2. Popular control is maintained through a fair system of elected representatives to one or more legislative branches.

3. Independent enforcement agencies (the smaller the unit needing coercion—that is, the individual citizen, the easier and more peaceful and civilian the enforcement).

4. Independent sources of revenue. Someone will surely raise the cry; what about national sovereignty? That is a bugaboo standing in the way of a peaceful world order. Where does sovereignty reside? According to the 10th Amendment to the U.S. Constitution, “The powers not delegated to the U.S. by the Constitution, nor prohibited to it by the States, are reserved to the States respectively, or to the people.” The people have every right to re-allocate their reserved powers the better to serve their needs, the purpose of government.

The granting of such powers and responsibilities to the United Nations would be a reallocation of sovereignty. This would restrain nations, but wouldn't that be a blessing? It would not diminish the rights of individuals. Quite the contrary. Popular sovereignty would be augmented because the individual gains a say in what happens to him/her, and within this area of citizenship, gains security from wars and threats of wars. How does the individual benefit from the retention of a national sovereignty which denies citizens any franchise in world affairs and leaves these decisions in the hands of a nation's executive, and the use of military force virtually unrestrained ? What kind of protection is this?

Food, peace and security, with justice in close company, these are the primary needs of people all over the world. The kind of political machinery to secure these needs has succeeded in this country for almost two hundred years. Who can say it is impossible to create such machinery at the world level? We have put men on the moon! Of course, it is possible.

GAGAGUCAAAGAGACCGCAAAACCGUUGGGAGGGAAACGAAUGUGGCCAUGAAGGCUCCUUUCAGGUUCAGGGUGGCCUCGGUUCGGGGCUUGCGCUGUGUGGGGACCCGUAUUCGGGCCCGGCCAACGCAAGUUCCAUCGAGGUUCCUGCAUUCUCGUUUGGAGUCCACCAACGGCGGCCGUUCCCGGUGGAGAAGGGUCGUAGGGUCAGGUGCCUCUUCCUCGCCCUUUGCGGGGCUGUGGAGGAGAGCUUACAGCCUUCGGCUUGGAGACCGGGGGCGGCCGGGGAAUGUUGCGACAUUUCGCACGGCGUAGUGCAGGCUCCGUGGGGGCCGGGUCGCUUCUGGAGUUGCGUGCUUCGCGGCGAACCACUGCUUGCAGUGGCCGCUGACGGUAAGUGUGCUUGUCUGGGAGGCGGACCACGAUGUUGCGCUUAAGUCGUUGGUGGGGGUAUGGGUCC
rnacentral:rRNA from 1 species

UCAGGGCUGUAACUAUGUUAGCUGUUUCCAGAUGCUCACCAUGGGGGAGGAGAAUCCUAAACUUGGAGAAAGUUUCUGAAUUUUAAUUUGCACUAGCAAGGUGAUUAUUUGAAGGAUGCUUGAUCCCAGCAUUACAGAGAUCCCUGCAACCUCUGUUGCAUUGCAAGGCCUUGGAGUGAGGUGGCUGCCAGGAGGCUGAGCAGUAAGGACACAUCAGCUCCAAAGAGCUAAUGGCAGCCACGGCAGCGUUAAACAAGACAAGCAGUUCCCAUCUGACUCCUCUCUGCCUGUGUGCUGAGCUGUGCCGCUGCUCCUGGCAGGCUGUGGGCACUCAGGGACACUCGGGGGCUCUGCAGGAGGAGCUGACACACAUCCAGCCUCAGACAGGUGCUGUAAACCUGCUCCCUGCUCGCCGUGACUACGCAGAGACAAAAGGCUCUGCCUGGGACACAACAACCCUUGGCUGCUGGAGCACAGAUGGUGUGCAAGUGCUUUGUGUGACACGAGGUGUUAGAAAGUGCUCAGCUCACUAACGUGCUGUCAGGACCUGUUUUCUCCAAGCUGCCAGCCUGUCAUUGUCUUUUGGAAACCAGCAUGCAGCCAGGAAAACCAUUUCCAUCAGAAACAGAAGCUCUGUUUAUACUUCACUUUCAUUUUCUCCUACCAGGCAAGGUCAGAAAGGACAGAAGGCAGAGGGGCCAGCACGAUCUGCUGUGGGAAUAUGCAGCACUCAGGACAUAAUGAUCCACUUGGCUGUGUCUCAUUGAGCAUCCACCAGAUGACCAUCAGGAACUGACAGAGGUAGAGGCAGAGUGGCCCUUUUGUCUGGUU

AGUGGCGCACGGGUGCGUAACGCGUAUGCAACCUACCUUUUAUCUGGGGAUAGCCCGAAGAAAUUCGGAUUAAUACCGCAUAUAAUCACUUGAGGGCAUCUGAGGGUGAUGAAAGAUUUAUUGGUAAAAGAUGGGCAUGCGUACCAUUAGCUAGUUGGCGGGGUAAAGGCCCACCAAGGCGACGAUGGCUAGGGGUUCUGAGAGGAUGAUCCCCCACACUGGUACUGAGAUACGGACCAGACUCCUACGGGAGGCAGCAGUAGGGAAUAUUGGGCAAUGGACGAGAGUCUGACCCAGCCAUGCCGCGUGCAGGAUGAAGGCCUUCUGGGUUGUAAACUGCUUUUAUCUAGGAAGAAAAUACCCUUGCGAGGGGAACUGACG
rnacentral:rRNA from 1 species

Let us proceed now to create the world political machinery necessary to guarantee in all human beings everywhere the unalienable Rights to Life, Liberty, and the pursuit of Happiness! That is the goal worthy of our great heritage. Respectfully submitted by,

GEORGIA LLOYD, Executive Secretary.


Alabaster, Ala., May 14, 1975. Senator JOHN SPARKMAN, Senate Office Building, Washington, D.O.

DEAR SENATOR SPARKMAN: Enclosed is an article from today's front page of The B'ham News entitled, “Sparkman leading deep probe of U.N.," which I have read and which probe I hope you will pursue with vigor.

Also enclosed is a letter that I sent to you 10 years ago urging you to, among other things, get us out of the UN and the UN out of the U.S. I apologize for the two garbled lines, they were garbled on 4–15–1965, and at that time I had no idea that I would ever be remailing that letter. I am not sending copies of that letter to Senator Allen and all Alabama U.S. Representatives because I have sent them similar letters over the past 10 years. I here ask all of these gentlemen to help you and support that probe into the U.N.

I believe that the testimony of former U.N. Ambassadors such as Mr. Lodge and Mr. Goldberg is biased their job was to promote the U.N. and they still are. They have a vested interest in the error of our participating in the U.N. and neither has the courage to say I made a mistake. Reform won't work—the structure was built on sand—the U.N. was conceived, created and is now OBVIOUSLY controlled by the communists.

Enclosed is Mr. Brooks cartoon of 11-4-74 Re: U.N.—and we've had worse abuses by that so called, "peace," organization. The communist nations of the U.N. are saying nothing about the sickening blood baths and atrocities that are going on in Vietnam and Cambodia. Our President probably hasn't even told Congress about them, Senator Sparkman, but they ARE going on! (See Scott Report of 4-23–75.)